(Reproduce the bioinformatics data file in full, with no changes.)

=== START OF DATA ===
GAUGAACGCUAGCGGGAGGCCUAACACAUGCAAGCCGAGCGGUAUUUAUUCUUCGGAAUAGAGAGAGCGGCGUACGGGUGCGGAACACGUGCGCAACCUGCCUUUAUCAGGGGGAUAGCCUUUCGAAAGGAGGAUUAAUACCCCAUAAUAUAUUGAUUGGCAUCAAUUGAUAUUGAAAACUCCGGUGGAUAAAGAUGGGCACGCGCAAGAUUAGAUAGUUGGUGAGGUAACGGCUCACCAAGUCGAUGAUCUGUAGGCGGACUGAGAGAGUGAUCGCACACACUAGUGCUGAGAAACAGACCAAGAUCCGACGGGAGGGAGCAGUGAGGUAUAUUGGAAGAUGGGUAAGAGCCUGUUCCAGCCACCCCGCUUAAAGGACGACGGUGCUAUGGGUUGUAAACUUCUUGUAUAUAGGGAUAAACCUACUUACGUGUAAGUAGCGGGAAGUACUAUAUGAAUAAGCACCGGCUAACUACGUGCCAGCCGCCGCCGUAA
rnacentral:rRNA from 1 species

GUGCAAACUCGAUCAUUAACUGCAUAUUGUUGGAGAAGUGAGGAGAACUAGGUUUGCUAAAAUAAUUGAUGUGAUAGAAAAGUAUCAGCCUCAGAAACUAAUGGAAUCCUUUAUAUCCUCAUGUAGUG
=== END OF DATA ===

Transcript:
GAUGAACGCUAGCGGGAGGCCUAACACAUGCAAGCCGAGCGGUAUUUAUUCUUCGGAAUAGAGAGAGCGGCGUACGGGUGCGGAACACGUGCGCAACCUGCCUUUAUCAGGGGGAUAGCCUUUCGAAAGGAGGAUUAAUACCCCAUAAUAUAUUGAUUGGCAUCAAUUGAUAUUGAAAACUCCGGUGGAUAAAGAUGGGCACGCGCAAGAUUAGAUAGUUGGUGAGGUAACGGCUCACCAAGUCGAUGAUCUGUAGGCGGACUGAGAGAGUGAUCGCACACACUAGUGCUGAGAAACAGACCAAGAUCCGACGGGAGGGAGCAGUGAGGUAUAUUGGAAGAUGGGUAAGAGCCUGUUCCAGCCACCCCGCUUAAAGGACGACGGUGCUAUGGGUUGUAAACUUCUUGUAUAUAGGGAUAAACCUACUUACGUGUAAGUAGCGGGAAGUACUAUAUGAAUAAGCACCGGCUAACUACGUGCCAGCCGCCGCCGUAA
rnacentral:rRNA from 1 species

GUGCAAACUCGAUCAUUAACUGCAUAUUGUUGGAGAAGUGAGGAGAACUAGGUUUGCUAAAAUAAUUGAUGUGAUAGAAAAGUAUCAGCCUCAGAAACUAAUGGAAUCCUUUAUAUCCUCAUGUAGUG